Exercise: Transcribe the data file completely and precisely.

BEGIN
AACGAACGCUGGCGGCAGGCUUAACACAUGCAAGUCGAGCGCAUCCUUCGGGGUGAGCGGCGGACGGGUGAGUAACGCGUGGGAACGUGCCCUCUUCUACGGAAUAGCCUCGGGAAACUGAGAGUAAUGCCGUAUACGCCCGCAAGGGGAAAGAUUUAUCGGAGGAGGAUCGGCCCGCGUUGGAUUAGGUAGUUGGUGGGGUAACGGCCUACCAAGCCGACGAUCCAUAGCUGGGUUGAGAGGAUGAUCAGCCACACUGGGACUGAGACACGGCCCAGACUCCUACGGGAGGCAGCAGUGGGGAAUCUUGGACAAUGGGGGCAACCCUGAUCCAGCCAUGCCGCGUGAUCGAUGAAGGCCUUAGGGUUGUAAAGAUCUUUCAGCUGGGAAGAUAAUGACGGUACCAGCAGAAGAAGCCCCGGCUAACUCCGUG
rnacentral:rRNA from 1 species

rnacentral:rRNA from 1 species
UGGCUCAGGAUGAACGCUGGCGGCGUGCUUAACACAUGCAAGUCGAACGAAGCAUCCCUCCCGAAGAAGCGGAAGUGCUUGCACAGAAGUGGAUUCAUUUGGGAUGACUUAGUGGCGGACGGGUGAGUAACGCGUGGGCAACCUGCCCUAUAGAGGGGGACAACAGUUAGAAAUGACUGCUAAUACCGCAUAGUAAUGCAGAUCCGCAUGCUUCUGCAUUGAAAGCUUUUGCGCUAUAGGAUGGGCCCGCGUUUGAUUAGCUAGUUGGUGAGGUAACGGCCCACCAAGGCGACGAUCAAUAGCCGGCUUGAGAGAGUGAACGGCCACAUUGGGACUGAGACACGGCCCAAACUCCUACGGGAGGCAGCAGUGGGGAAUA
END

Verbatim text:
AACGAACGCUGGCGGCAGGCUUAACACAUGCAAGUCGAGCGCAUCCUUCGGGGUGAGCGGCGGACGGGUGAGUAACGCGUGGGAACGUGCCCUCUUCUACGGAAUAGCCUCGGGAAACUGAGAGUAAUGCCGUAUACGCCCGCAAGGGGAAAGAUUUAUCGGAGGAGGAUCGGCCCGCGUUGGAUUAGGUAGUUGGUGGGGUAACGGCCUACCAAGCCGACGAUCCAUAGCUGGGUUGAGAGGAUGAUCAGCCACACUGGGACUGAGACACGGCCCAGACUCCUACGGGAGGCAGCAGUGGGGAAUCUUGGACAAUGGGGGCAACCCUGAUCCAGCCAUGCCGCGUGAUCGAUGAAGGCCUUAGGGUUGUAAAGAUCUUUCAGCUGGGAAGAUAAUGACGGUACCAGCAGAAGAAGCCCCGGCUAACUCCGUG
rnacentral:rRNA from 1 species

rnacentral:rRNA from 1 species
UGGCUCAGGAUGAACGCUGGCGGCGUGCUUAACACAUGCAAGUCGAACGAAGCAUCCCUCCCGAAGAAGCGGAAGUGCUUGCACAGAAGUGGAUUCAUUUGGGAUGACUUAGUGGCGGACGGGUGAGUAACGCGUGGGCAACCUGCCCUAUAGAGGGGGACAACAGUUAGAAAUGACUGCUAAUACCGCAUAGUAAUGCAGAUCCGCAUGCUUCUGCAUUGAAAGCUUUUGCGCUAUAGGAUGGGCCCGCGUUUGAUUAGCUAGUUGGUGAGGUAACGGCCCACCAAGGCGACGAUCAAUAGCCGGCUUGAGAGAGUGAACGGCCACAUUGGGACUGAGACACGGCCCAAACUCCUACGGGAGGCAGCAGUGGGGAAUA